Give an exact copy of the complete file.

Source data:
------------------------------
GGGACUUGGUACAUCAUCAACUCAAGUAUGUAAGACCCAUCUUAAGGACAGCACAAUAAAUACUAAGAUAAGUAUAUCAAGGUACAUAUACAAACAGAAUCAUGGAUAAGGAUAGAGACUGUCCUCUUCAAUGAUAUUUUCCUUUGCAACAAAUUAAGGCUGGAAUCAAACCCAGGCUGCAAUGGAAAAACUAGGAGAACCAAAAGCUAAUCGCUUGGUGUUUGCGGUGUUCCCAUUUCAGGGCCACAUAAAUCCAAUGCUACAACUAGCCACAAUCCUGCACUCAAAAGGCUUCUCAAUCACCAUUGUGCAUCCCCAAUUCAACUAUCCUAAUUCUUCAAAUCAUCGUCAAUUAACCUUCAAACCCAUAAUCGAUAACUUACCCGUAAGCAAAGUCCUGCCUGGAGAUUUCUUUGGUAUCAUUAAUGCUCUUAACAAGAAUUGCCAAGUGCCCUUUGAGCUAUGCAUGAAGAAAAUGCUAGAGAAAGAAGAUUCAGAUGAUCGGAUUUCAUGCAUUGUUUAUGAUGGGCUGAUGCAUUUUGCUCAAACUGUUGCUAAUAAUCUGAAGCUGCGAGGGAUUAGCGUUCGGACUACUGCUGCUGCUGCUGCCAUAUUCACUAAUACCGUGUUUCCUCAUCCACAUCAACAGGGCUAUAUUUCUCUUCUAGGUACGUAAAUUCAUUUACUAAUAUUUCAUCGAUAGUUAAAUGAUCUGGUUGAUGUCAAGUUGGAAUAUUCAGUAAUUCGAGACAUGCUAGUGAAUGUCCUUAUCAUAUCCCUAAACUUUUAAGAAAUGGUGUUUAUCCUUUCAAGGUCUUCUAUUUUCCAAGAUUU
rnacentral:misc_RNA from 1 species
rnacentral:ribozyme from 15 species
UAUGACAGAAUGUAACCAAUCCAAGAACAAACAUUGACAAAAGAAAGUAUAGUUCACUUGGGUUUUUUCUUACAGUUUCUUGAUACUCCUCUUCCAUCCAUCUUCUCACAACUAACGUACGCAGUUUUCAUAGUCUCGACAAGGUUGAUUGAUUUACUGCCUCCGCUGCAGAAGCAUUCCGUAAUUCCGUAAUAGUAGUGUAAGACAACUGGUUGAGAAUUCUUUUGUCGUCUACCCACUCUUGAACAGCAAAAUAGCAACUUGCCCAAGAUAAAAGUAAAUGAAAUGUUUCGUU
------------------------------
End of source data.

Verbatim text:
GGGACUUGGUACAUCAUCAACUCAAGUAUGUAAGACCCAUCUUAAGGACAGCACAAUAAAUACUAAGAUAAGUAUAUCAAGGUACAUAUACAAACAGAAUCAUGGAUAAGGAUAGAGACUGUCCUCUUCAAUGAUAUUUUCCUUUGCAACAAAUUAAGGCUGGAAUCAAACCCAGGCUGCAAUGGAAAAACUAGGAGAACCAAAAGCUAAUCGCUUGGUGUUUGCGGUGUUCCCAUUUCAGGGCCACAUAAAUCCAAUGCUACAACUAGCCACAAUCCUGCACUCAAAAGGCUUCUCAAUCACCAUUGUGCAUCCCCAAUUCAACUAUCCUAAUUCUUCAAAUCAUCGUCAAUUAACCUUCAAACCCAUAAUCGAUAACUUACCCGUAAGCAAAGUCCUGCCUGGAGAUUUCUUUGGUAUCAUUAAUGCUCUUAACAAGAAUUGCCAAGUGCCCUUUGAGCUAUGCAUGAAGAAAAUGCUAGAGAAAGAAGAUUCAGAUGAUCGGAUUUCAUGCAUUGUUUAUGAUGGGCUGAUGCAUUUUGCUCAAACUGUUGCUAAUAAUCUGAAGCUGCGAGGGAUUAGCGUUCGGACUACUGCUGCUGCUGCUGCCAUAUUCACUAAUACCGUGUUUCCUCAUCCACAUCAACAGGGCUAUAUUUCUCUUCUAGGUACGUAAAUUCAUUUACUAAUAUUUCAUCGAUAGUUAAAUGAUCUGGUUGAUGUCAAGUUGGAAUAUUCAGUAAUUCGAGACAUGCUAGUGAAUGUCCUUAUCAUAUCCCUAAACUUUUAAGAAAUGGUGUUUAUCCUUUCAAGGUCUUCUAUUUUCCAAGAUUU
rnacentral:misc_RNA from 1 species
rnacentral:ribozyme from 15 species
UAUGACAGAAUGUAACCAAUCCAAGAACAAACAUUGACAAAAGAAAGUAUAGUUCACUUGGGUUUUUUCUUACAGUUUCUUGAUACUCCUCUUCCAUCCAUCUUCUCACAACUAACGUACGCAGUUUUCAUAGUCUCGACAAGGUUGAUUGAUUUACUGCCUCCGCUGCAGAAGCAUUCCGUAAUUCCGUAAUAGUAGUGUAAGACAACUGGUUGAGAAUUCUUUUGUCGUCUACCCACUCUUGAACAGCAAAAUAGCAACUUGCCCAAGAUAAAAGUAAAUGAAAUGUUUCGUU